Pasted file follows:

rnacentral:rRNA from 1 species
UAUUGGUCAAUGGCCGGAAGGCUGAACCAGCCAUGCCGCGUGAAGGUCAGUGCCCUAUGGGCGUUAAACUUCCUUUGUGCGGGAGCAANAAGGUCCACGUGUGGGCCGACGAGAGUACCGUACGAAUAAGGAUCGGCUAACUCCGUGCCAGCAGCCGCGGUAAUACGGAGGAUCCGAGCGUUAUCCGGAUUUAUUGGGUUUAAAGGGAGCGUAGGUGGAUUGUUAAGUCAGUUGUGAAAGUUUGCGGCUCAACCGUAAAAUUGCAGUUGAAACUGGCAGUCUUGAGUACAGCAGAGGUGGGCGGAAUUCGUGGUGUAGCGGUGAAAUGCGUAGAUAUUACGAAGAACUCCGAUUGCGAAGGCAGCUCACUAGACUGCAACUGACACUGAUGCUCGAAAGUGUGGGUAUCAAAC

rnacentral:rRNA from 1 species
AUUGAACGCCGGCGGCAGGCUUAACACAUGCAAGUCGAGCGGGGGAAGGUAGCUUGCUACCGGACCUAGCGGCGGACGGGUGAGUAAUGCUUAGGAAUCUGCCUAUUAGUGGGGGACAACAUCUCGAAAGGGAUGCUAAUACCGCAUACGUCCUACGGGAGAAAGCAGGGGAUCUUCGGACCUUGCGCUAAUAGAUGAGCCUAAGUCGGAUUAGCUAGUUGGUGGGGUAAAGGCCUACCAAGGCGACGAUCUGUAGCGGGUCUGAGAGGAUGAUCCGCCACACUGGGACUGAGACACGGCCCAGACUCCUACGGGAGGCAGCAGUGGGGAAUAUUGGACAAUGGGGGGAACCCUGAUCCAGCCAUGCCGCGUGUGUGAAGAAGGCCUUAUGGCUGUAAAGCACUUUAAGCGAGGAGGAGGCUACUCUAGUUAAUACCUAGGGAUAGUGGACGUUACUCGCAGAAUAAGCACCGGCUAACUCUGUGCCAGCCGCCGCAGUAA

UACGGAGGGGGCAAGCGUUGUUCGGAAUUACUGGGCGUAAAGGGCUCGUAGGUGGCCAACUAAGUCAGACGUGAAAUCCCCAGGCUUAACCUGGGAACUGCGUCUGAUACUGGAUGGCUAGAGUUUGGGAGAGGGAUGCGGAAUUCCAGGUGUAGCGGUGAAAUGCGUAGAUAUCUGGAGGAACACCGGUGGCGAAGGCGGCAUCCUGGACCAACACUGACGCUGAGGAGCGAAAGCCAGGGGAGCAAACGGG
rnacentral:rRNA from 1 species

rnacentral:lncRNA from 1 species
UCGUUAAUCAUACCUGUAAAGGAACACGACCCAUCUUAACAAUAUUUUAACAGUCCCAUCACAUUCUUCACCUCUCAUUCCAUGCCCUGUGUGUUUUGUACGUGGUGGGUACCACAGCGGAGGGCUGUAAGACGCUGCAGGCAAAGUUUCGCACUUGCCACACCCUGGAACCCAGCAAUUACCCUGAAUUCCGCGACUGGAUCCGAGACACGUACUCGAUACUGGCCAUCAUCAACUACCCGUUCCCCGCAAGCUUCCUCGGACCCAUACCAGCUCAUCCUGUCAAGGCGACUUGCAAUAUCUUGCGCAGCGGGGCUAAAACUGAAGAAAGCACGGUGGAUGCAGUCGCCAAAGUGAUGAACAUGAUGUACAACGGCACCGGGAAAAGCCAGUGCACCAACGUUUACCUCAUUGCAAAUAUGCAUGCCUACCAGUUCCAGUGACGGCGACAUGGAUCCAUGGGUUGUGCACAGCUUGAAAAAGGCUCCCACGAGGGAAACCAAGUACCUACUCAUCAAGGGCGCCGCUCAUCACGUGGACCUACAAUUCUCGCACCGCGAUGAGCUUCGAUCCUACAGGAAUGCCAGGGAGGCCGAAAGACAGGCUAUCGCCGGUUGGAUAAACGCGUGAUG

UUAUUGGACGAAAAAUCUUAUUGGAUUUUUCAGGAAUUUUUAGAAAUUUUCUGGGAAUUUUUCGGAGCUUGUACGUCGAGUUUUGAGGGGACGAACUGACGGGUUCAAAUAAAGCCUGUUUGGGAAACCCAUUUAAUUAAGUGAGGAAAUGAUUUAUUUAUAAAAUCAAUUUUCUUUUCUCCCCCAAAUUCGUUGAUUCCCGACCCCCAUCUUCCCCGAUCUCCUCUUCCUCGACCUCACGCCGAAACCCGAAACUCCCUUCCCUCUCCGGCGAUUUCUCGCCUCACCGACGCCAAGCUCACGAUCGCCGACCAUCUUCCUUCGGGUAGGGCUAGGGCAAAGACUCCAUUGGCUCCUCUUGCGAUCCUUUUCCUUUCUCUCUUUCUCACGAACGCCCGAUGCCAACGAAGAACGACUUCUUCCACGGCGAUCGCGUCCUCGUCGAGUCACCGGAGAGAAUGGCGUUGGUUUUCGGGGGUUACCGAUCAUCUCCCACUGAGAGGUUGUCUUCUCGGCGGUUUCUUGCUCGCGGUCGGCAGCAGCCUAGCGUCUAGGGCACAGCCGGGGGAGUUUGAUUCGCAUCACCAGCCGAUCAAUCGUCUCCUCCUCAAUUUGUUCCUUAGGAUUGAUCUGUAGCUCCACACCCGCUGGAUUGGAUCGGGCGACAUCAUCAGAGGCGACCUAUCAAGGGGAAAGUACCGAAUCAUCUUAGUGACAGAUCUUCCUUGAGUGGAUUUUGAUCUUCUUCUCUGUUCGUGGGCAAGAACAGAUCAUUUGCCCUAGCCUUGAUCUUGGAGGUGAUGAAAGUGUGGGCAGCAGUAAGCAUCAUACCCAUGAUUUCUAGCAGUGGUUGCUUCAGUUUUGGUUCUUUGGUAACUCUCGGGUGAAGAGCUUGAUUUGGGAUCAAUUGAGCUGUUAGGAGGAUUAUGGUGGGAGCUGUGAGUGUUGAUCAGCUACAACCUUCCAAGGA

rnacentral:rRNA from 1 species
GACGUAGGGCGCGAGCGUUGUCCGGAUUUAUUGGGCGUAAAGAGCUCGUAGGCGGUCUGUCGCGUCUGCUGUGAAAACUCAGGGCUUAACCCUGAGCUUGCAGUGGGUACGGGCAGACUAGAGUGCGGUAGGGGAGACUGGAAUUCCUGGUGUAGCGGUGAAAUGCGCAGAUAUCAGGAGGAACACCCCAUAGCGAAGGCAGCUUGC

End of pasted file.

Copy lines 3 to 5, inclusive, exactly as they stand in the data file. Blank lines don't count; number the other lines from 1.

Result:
rnacentral:rRNA from 1 species
AUUGAACGCCGGCGGCAGGCUUAACACAUGCAAGUCGAGCGGGGGAAGGUAGCUUGCUACCGGACCUAGCGGCGGACGGGUGAGUAAUGCUUAGGAAUCUGCCUAUUAGUGGGGGACAACAUCUCGAAAGGGAUGCUAAUACCGCAUACGUCCUACGGGAGAAAGCAGGGGAUCUUCGGACCUUGCGCUAAUAGAUGAGCCUAAGUCGGAUUAGCUAGUUGGUGGGGUAAAGGCCUACCAAGGCGACGAUCUGUAGCGGGUCUGAGAGGAUGAUCCGCCACACUGGGACUGAGACACGGCCCAGACUCCUACGGGAGGCAGCAGUGGGGAAUAUUGGACAAUGGGGGGAACCCUGAUCCAGCCAUGCCGCGUGUGUGAAGAAGGCCUUAUGGCUGUAAAGCACUUUAAGCGAGGAGGAGGCUACUCUAGUUAAUACCUAGGGAUAGUGGACGUUACUCGCAGAAUAAGCACCGGCUAACUCUGUGCCAGCCGCCGCAGUAA

UACGGAGGGGGCAAGCGUUGUUCGGAAUUACUGGGCGUAAAGGGCUCGUAGGUGGCCAACUAAGUCAGACGUGAAAUCCCCAGGCUUAACCUGGGAACUGCGUCUGAUACUGGAUGGCUAGAGUUUGGGAGAGGGAUGCGGAAUUCCAGGUGUAGCGGUGAAAUGCGUAGAUAUCUGGAGGAACACCGGUGGCGAAGGCGGCAUCCUGGACCAACACUGACGCUGAGGAGCGAAAGCCAGGGGAGCAAACGGG